Study on Small Cells and Dense Cellular Networks Regulatory Issues

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Study Background and Motivation

Mobile network operators in Europe and other regions are compelled to deploy large number of small cells to alleviate network capacity shortages, particularly in locations that are experiencing a surge in data traffic volume generated per unit area.  Furthermore, the commercial deployment of 5G networks operating at mid and high bands will further drive the need for network densification through small cell deployment, to enable operators to effectively translate the value of 5G upgrades and its inherent features (e.g. mobile edge computing, network slicing etc.) to subscribers and industry verticals. 

A snapshot of recent analyst reports project that new small cell deployments over the next five years, or so, will be increasingly dominated by dense or hyperdense small cell deployments (with over 150 sites/km2) as operators target 4G capacity upgrades and 5G rollouts in urban and enterprise environments. The continued sustainability of these dense deployment trends requires overcoming a number of challenges, including, but not limited to: backhauling, interference management and regulatory barriers to network densification.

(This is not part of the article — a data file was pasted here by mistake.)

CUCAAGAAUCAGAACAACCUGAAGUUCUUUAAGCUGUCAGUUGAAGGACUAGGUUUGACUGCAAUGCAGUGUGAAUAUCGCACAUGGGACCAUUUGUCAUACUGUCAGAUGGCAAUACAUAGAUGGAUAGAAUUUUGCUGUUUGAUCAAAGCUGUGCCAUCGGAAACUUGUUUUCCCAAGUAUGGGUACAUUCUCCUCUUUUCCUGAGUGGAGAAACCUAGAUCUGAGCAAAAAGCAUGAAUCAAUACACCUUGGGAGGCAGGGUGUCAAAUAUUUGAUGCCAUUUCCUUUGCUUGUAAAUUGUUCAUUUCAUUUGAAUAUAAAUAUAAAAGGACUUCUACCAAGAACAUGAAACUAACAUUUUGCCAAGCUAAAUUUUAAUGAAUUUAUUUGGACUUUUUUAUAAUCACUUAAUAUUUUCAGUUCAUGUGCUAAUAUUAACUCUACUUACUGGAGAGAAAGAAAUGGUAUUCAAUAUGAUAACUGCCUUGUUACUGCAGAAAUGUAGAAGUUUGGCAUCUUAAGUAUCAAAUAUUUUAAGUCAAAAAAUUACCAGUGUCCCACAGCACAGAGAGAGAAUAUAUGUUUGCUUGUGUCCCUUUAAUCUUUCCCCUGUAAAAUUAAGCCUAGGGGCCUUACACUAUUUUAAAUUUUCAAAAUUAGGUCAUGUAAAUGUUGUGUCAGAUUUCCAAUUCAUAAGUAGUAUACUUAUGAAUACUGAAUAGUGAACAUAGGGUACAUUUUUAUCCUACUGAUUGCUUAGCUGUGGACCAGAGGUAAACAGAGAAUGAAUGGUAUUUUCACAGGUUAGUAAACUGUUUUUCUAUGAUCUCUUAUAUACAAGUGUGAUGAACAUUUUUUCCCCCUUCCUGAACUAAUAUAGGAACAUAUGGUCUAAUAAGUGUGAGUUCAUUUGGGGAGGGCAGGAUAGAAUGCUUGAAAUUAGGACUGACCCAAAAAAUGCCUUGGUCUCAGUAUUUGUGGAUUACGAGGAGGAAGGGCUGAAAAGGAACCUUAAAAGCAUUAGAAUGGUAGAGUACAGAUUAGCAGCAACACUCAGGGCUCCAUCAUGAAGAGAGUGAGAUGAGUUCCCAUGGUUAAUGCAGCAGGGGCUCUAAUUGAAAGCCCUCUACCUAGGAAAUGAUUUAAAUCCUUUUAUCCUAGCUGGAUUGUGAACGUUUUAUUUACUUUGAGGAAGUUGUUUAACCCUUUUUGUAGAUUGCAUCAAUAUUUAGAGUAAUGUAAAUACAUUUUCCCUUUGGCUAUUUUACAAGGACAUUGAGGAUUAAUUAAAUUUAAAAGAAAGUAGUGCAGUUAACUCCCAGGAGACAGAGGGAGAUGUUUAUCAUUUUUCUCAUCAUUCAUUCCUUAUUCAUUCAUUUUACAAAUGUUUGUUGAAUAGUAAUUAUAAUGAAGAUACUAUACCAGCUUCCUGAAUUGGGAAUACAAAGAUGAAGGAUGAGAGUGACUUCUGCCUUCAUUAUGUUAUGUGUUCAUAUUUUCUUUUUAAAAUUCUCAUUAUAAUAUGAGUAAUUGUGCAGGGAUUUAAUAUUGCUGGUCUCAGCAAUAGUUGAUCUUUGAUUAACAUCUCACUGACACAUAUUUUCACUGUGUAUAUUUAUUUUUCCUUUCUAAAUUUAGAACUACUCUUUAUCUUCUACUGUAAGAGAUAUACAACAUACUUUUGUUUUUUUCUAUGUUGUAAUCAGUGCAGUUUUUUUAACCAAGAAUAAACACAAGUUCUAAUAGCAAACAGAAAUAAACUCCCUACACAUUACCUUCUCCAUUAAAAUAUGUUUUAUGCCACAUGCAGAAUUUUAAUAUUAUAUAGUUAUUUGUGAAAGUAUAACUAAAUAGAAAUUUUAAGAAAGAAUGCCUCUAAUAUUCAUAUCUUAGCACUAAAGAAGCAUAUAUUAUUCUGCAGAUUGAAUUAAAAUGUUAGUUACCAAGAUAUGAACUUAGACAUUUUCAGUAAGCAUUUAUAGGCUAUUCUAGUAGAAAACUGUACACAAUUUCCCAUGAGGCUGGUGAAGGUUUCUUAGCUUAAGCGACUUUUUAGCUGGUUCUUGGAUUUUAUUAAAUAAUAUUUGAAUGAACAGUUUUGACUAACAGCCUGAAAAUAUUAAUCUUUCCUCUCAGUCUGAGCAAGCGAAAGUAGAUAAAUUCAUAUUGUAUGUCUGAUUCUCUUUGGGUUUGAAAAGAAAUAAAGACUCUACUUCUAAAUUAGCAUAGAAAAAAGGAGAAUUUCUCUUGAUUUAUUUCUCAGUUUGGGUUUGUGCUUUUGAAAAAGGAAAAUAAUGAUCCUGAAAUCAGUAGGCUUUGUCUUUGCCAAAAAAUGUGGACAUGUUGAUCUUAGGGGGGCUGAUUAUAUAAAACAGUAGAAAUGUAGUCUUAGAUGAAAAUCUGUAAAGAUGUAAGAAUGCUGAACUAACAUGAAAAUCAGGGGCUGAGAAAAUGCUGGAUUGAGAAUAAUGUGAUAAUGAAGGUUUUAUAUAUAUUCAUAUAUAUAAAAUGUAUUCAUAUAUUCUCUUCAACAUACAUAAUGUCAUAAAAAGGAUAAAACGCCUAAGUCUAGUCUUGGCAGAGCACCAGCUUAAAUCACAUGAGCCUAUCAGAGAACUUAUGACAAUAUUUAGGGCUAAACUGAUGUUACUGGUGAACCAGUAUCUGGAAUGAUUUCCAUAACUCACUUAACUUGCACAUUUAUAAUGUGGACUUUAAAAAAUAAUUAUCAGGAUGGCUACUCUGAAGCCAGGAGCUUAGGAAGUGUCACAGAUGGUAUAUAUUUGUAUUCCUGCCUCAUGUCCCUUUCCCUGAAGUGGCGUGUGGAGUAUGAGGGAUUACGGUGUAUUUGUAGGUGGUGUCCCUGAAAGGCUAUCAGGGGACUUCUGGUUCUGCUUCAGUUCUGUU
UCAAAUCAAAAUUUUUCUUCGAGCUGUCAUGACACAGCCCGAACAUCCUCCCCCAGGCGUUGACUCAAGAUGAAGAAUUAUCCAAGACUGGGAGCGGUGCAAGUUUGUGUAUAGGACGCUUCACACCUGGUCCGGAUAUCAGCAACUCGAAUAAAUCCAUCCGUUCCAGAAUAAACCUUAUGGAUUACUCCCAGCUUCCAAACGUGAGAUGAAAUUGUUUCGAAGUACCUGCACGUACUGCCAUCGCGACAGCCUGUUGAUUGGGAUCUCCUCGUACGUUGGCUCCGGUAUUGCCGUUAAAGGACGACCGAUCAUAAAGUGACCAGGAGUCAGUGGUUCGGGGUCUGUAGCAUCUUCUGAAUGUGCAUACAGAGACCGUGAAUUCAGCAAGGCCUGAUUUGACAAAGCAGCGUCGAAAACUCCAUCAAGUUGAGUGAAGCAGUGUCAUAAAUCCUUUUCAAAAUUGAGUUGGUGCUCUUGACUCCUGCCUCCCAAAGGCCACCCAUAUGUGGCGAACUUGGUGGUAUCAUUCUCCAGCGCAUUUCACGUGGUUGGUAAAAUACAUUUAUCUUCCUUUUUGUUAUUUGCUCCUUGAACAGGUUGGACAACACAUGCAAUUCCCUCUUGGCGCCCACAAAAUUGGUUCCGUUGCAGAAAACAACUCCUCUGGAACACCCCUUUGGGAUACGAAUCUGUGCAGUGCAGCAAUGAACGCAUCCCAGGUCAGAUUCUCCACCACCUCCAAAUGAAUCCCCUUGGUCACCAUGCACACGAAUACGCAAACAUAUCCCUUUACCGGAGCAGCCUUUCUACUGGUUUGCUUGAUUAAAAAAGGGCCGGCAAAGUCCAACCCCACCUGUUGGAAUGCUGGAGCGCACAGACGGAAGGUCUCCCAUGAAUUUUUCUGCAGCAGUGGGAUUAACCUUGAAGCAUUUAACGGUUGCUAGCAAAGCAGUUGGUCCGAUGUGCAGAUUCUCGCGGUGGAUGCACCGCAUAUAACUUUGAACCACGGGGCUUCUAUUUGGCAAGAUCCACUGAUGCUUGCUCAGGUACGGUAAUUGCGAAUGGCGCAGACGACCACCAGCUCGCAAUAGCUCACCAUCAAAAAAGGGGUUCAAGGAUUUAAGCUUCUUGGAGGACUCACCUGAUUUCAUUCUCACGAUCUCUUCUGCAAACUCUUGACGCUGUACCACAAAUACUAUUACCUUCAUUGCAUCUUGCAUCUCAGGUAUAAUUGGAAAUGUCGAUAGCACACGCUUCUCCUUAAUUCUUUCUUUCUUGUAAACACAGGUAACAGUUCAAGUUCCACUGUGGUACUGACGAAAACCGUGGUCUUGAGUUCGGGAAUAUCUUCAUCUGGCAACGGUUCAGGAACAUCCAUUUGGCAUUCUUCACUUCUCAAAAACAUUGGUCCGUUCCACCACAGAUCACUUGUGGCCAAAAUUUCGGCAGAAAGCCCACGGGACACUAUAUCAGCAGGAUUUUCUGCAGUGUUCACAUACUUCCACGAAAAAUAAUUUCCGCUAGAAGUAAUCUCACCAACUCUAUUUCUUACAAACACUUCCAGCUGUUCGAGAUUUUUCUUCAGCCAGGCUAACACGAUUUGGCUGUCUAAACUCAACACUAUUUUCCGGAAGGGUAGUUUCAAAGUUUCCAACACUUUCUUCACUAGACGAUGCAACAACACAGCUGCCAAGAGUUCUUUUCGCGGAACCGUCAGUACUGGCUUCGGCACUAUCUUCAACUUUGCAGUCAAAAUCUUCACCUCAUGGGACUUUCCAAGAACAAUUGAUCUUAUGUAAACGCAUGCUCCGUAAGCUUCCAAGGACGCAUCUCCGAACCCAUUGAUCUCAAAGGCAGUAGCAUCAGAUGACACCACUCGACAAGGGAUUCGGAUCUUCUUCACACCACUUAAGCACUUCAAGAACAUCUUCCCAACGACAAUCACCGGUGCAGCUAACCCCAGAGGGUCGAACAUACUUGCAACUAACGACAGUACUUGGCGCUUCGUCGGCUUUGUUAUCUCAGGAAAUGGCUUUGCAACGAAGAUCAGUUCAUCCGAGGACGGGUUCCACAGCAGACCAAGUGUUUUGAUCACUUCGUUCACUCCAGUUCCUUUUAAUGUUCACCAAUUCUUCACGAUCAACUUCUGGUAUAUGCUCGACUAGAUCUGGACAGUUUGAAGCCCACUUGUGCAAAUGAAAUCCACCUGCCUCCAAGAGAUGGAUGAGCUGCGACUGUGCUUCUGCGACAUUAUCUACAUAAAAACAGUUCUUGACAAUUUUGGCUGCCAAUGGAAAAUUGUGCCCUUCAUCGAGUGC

The project has conducted a study on deployment and regulatory aspects to help EU and its member states identify the most effective way to lower the costs of deploying small cells and dense cellular networks. The study includes an overview of current and future small cell deployment trends as well as, various considerations for small cell deployments to further the understanding of the potential regulatory barriers to dense deployment.
The regulatory factors influencing dense small cell deployments are analysed, whilst taking into consideration the perspective of different stakeholders and highlighting potential areas of regulatory interventions to facilitate deployment. Specifically the analysis focuses on four key factors: general definition or classification small cells; regulatory implications on sharing of small cells; radio frequency electromagnetic field (RF-EMF) exposure limits; and approvals, licensing and permits for small cell deployments. 

Click here to read the Preliminary Report on Small Cells.



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